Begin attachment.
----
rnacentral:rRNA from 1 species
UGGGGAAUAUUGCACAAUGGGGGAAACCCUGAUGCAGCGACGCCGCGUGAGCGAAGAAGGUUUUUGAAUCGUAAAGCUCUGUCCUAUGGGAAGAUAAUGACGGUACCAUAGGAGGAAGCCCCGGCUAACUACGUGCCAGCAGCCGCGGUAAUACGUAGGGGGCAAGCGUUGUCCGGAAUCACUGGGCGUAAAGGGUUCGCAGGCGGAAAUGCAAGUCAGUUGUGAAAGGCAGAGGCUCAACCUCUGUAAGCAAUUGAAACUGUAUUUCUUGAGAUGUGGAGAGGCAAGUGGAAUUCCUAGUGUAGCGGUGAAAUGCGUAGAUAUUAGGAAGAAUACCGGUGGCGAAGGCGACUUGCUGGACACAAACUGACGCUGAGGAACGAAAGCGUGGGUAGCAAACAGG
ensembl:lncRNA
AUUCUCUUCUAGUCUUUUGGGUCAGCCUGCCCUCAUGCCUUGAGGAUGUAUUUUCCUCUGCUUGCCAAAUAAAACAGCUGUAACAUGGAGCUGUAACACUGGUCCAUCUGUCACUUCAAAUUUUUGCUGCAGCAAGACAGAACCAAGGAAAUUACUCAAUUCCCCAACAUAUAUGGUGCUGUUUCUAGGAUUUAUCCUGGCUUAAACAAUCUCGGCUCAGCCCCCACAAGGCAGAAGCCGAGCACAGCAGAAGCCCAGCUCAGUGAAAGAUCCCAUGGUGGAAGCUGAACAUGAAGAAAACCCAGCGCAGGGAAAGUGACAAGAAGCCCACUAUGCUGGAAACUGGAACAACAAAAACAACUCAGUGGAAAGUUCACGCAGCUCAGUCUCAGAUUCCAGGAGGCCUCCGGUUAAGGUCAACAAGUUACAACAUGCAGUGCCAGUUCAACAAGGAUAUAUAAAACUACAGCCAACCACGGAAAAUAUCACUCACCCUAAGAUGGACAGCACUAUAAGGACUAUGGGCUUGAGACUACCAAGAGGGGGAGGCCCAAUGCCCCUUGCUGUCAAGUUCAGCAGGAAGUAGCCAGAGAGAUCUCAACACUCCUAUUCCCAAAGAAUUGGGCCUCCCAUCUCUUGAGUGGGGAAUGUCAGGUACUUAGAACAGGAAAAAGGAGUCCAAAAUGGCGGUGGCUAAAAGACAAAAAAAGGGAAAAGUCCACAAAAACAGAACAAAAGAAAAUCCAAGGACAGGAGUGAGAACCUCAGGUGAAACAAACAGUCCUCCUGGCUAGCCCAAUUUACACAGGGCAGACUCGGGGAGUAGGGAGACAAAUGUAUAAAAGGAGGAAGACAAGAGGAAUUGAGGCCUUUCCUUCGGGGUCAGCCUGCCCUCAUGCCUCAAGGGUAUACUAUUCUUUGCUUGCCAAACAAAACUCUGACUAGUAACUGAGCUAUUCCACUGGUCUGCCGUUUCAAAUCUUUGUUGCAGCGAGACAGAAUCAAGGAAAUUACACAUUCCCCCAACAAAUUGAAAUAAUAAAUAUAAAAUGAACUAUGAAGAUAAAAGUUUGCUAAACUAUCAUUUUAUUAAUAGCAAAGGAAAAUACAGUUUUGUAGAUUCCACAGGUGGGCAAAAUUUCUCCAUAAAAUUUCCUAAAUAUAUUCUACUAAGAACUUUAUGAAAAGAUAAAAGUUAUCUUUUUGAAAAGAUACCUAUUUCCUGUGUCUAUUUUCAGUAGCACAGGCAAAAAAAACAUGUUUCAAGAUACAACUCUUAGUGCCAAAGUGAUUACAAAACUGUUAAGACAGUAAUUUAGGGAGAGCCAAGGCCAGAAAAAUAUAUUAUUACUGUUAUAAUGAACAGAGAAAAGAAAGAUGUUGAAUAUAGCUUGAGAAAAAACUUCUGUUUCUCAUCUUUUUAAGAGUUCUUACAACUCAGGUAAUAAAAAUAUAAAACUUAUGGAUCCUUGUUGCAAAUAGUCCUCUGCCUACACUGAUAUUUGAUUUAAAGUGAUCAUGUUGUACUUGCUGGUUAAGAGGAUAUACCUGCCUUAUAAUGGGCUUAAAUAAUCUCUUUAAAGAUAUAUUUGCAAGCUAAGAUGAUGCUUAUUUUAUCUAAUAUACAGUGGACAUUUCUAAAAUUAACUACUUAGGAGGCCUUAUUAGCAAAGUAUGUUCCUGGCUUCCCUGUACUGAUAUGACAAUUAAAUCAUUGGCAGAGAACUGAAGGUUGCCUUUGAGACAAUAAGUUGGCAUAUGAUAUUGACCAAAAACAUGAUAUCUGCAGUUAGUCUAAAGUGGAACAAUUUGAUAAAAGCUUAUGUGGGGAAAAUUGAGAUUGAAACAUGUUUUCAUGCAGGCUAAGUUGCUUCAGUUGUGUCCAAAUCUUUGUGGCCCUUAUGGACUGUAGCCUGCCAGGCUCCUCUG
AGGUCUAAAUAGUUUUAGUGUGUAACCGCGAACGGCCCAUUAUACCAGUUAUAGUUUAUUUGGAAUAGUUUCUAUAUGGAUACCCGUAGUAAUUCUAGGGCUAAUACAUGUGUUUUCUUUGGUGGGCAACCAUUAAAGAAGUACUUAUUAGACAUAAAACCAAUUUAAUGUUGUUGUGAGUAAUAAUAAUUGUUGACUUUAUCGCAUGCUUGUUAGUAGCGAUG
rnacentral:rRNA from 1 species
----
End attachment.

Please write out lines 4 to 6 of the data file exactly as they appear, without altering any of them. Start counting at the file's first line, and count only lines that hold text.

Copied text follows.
AUUCUCUUCUAGUCUUUUGGGUCAGCCUGCCCUCAUGCCUUGAGGAUGUAUUUUCCUCUGCUUGCCAAAUAAAACAGCUGUAACAUGGAGCUGUAACACUGGUCCAUCUGUCACUUCAAAUUUUUGCUGCAGCAAGACAGAACCAAGGAAAUUACUCAAUUCCCCAACAUAUAUGGUGCUGUUUCUAGGAUUUAUCCUGGCUUAAACAAUCUCGGCUCAGCCCCCACAAGGCAGAAGCCGAGCACAGCAGAAGCCCAGCUCAGUGAAAGAUCCCAUGGUGGAAGCUGAACAUGAAGAAAACCCAGCGCAGGGAAAGUGACAAGAAGCCCACUAUGCUGGAAACUGGAACAACAAAAACAACUCAGUGGAAAGUUCACGCAGCUCAGUCUCAGAUUCCAGGAGGCCUCCGGUUAAGGUCAACAAGUUACAACAUGCAGUGCCAGUUCAACAAGGAUAUAUAAAACUACAGCCAACCACGGAAAAUAUCACUCACCCUAAGAUGGACAGCACUAUAAGGACUAUGGGCUUGAGACUACCAAGAGGGGGAGGCCCAAUGCCCCUUGCUGUCAAGUUCAGCAGGAAGUAGCCAGAGAGAUCUCAACACUCCUAUUCCCAAAGAAUUGGGCCUCCCAUCUCUUGAGUGGGGAAUGUCAGGUACUUAGAACAGGAAAAAGGAGUCCAAAAUGGCGGUGGCUAAAAGACAAAAAAAGGGAAAAGUCCACAAAAACAGAACAAAAGAAAAUCCAAGGACAGGAGUGAGAACCUCAGGUGAAACAAACAGUCCUCCUGGCUAGCCCAAUUUACACAGGGCAGACUCGGGGAGUAGGGAGACAAAUGUAUAAAAGGAGGAAGACAAGAGGAAUUGAGGCCUUUCCUUCGGGGUCAGCCUGCCCUCAUGCCUCAAGGGUAUACUAUUCUUUGCUUGCCAAACAAAACUCUGACUAGUAACUGAGCUAUUCCACUGGUCUGCCGUUUCAAAUCUUUGUUGCAGCGAGACAGAAUCAAGGAAAUUACACAUUCCCCCAACAAAUUGAAAUAAUAAAUAUAAAAUGAACUAUGAAGAUAAAAGUUUGCUAAACUAUCAUUUUAUUAAUAGCAAAGGAAAAUACAGUUUUGUAGAUUCCACAGGUGGGCAAAAUUUCUCCAUAAAAUUUCCUAAAUAUAUUCUACUAAGAACUUUAUGAAAAGAUAAAAGUUAUCUUUUUGAAAAGAUACCUAUUUCCUGUGUCUAUUUUCAGUAGCACAGGCAAAAAAAACAUGUUUCAAGAUACAACUCUUAGUGCCAAAGUGAUUACAAAACUGUUAAGACAGUAAUUUAGGGAGAGCCAAGGCCAGAAAAAUAUAUUAUUACUGUUAUAAUGAACAGAGAAAAGAAAGAUGUUGAAUAUAGCUUGAGAAAAAACUUCUGUUUCUCAUCUUUUUAAGAGUUCUUACAACUCAGGUAAUAAAAAUAUAAAACUUAUGGAUCCUUGUUGCAAAUAGUCCUCUGCCUACACUGAUAUUUGAUUUAAAGUGAUCAUGUUGUACUUGCUGGUUAAGAGGAUAUACCUGCCUUAUAAUGGGCUUAAAUAAUCUCUUUAAAGAUAUAUUUGCAAGCUAAGAUGAUGCUUAUUUUAUCUAAUAUACAGUGGACAUUUCUAAAAUUAACUACUUAGGAGGCCUUAUUAGCAAAGUAUGUUCCUGGCUUCCCUGUACUGAUAUGACAAUUAAAUCAUUGGCAGAGAACUGAAGGUUGCCUUUGAGACAAUAAGUUGGCAUAUGAUAUUGACCAAAAACAUGAUAUCUGCAGUUAGUCUAAAGUGGAACAAUUUGAUAAAAGCUUAUGUGGGGAAAAUUGAGAUUGAAACAUGUUUUCAUGCAGGCUAAGUUGCUUCAGUUGUGUCCAAAUCUUUGUGGCCCUUAUGGACUGUAGCCUGCCAGGCUCCUCUG
AGGUCUAAAUAGUUUUAGUGUGUAACCGCGAACGGCCCAUUAUACCAGUUAUAGUUUAUUUGGAAUAGUUUCUAUAUGGAUACCCGUAGUAAUUCUAGGGCUAAUACAUGUGUUUUCUUUGGUGGGCAACCAUUAAAGAAGUACUUAUUAGACAUAAAACCAAUUUAAUGUUGUUGUGAGUAAUAAUAAUUGUUGACUUUAUCGCAUGCUUGUUAGUAGCGAUG
rnacentral:rRNA from 1 species